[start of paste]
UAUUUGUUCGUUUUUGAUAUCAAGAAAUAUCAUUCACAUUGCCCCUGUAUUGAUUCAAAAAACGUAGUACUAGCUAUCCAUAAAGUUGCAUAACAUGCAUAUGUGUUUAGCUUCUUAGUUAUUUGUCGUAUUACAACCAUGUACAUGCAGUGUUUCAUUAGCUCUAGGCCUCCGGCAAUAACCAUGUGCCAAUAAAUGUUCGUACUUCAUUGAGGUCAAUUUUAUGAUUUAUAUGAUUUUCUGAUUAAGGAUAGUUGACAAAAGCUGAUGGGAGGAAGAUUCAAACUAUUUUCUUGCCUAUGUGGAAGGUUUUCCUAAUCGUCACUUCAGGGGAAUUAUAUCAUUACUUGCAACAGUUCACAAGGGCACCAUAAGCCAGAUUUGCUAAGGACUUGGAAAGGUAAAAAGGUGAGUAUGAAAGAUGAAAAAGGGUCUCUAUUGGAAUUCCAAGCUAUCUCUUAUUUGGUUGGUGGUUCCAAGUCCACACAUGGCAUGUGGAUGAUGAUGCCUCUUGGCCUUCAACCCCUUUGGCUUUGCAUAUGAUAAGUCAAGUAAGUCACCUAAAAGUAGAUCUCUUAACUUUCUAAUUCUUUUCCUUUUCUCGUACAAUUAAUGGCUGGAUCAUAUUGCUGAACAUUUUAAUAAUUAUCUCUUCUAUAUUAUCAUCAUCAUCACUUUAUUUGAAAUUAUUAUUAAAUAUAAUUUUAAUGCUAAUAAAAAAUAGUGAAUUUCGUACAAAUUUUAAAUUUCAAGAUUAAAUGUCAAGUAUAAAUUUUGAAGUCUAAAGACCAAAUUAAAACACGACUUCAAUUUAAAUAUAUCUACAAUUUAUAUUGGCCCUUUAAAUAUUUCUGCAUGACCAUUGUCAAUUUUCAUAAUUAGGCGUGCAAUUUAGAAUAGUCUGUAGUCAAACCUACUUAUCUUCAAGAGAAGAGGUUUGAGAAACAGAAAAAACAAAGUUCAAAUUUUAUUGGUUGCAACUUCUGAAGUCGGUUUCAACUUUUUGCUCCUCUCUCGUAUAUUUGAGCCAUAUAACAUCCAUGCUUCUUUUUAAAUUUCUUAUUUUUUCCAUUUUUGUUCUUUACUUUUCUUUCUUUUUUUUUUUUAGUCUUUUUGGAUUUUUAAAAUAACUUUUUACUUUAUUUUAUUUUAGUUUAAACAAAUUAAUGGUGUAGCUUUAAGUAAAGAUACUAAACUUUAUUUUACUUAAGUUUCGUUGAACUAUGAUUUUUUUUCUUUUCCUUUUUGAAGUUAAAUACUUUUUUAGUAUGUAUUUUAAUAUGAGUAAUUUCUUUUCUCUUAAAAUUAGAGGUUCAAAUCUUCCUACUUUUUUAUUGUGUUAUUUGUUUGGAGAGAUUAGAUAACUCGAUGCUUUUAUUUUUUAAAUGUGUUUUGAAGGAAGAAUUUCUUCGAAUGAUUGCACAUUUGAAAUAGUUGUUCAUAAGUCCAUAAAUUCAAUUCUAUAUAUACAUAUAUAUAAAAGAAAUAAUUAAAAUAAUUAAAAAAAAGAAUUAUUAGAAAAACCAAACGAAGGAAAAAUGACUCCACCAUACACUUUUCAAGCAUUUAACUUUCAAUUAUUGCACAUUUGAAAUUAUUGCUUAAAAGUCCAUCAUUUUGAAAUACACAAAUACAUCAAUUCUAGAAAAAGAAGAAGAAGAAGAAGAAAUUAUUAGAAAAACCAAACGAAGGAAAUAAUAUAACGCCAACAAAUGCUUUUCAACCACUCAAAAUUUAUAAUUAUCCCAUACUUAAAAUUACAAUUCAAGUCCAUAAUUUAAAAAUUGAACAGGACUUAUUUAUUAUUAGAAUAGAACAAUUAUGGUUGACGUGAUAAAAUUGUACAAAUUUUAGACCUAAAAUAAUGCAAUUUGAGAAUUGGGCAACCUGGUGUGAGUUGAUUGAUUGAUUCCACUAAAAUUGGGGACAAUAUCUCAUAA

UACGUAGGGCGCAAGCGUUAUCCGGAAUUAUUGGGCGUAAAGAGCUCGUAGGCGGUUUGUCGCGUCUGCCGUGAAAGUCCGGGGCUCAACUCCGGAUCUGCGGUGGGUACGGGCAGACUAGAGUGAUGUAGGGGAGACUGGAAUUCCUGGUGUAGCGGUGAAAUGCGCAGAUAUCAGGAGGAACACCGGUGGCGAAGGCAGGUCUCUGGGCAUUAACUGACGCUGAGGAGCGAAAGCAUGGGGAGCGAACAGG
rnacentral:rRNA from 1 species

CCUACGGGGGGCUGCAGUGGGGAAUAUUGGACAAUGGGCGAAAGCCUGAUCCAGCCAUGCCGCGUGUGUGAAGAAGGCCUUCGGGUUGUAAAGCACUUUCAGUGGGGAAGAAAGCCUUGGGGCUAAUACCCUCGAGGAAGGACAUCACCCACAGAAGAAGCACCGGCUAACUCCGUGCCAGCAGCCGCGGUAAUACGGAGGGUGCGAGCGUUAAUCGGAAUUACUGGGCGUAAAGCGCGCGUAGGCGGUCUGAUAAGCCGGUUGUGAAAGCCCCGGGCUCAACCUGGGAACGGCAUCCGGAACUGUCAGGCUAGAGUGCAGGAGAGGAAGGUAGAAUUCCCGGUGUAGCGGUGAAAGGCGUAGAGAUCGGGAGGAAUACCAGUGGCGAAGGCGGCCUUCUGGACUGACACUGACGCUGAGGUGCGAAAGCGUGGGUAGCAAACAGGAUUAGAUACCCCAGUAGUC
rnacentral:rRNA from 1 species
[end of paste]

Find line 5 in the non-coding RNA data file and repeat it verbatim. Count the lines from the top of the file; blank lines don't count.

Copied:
rnacentral:rRNA from 1 species